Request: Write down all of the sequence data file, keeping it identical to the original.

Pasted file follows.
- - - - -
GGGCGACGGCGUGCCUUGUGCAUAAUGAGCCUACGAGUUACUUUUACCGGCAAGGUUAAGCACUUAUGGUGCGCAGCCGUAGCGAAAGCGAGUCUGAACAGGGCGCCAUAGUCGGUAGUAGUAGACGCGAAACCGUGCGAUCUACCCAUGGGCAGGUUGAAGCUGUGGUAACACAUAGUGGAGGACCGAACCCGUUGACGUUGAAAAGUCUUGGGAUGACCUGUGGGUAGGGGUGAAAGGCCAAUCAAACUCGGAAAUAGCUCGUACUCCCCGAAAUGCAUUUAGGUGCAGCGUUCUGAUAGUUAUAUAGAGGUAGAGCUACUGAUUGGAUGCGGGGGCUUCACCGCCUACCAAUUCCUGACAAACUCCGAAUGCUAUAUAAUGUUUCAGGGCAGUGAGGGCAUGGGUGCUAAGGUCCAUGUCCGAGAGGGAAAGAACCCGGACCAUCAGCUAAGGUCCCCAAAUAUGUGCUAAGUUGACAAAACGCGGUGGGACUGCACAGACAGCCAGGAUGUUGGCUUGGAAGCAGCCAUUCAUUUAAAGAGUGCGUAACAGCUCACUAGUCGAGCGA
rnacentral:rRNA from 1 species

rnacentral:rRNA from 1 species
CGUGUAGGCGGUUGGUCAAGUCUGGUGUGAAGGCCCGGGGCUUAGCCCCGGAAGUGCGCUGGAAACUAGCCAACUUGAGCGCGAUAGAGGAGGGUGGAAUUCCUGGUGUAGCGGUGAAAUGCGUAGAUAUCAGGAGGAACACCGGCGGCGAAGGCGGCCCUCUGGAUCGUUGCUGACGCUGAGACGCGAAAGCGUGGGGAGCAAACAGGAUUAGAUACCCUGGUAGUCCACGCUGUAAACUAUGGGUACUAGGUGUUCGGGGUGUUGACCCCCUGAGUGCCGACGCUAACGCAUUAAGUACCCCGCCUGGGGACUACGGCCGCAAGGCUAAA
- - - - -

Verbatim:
GGGCGACGGCGUGCCUUGUGCAUAAUGAGCCUACGAGUUACUUUUACCGGCAAGGUUAAGCACUUAUGGUGCGCAGCCGUAGCGAAAGCGAGUCUGAACAGGGCGCCAUAGUCGGUAGUAGUAGACGCGAAACCGUGCGAUCUACCCAUGGGCAGGUUGAAGCUGUGGUAACACAUAGUGGAGGACCGAACCCGUUGACGUUGAAAAGUCUUGGGAUGACCUGUGGGUAGGGGUGAAAGGCCAAUCAAACUCGGAAAUAGCUCGUACUCCCCGAAAUGCAUUUAGGUGCAGCGUUCUGAUAGUUAUAUAGAGGUAGAGCUACUGAUUGGAUGCGGGGGCUUCACCGCCUACCAAUUCCUGACAAACUCCGAAUGCUAUAUAAUGUUUCAGGGCAGUGAGGGCAUGGGUGCUAAGGUCCAUGUCCGAGAGGGAAAGAACCCGGACCAUCAGCUAAGGUCCCCAAAUAUGUGCUAAGUUGACAAAACGCGGUGGGACUGCACAGACAGCCAGGAUGUUGGCUUGGAAGCAGCCAUUCAUUUAAAGAGUGCGUAACAGCUCACUAGUCGAGCGA
rnacentral:rRNA from 1 species

rnacentral:rRNA from 1 species
CGUGUAGGCGGUUGGUCAAGUCUGGUGUGAAGGCCCGGGGCUUAGCCCCGGAAGUGCGCUGGAAACUAGCCAACUUGAGCGCGAUAGAGGAGGGUGGAAUUCCUGGUGUAGCGGUGAAAUGCGUAGAUAUCAGGAGGAACACCGGCGGCGAAGGCGGCCCUCUGGAUCGUUGCUGACGCUGAGACGCGAAAGCGUGGGGAGCAAACAGGAUUAGAUACCCUGGUAGUCCACGCUGUAAACUAUGGGUACUAGGUGUUCGGGGUGUUGACCCCCUGAGUGCCGACGCUAACGCAUUAAGUACCCCGCCUGGGGACUACGGCCGCAAGGCUAAA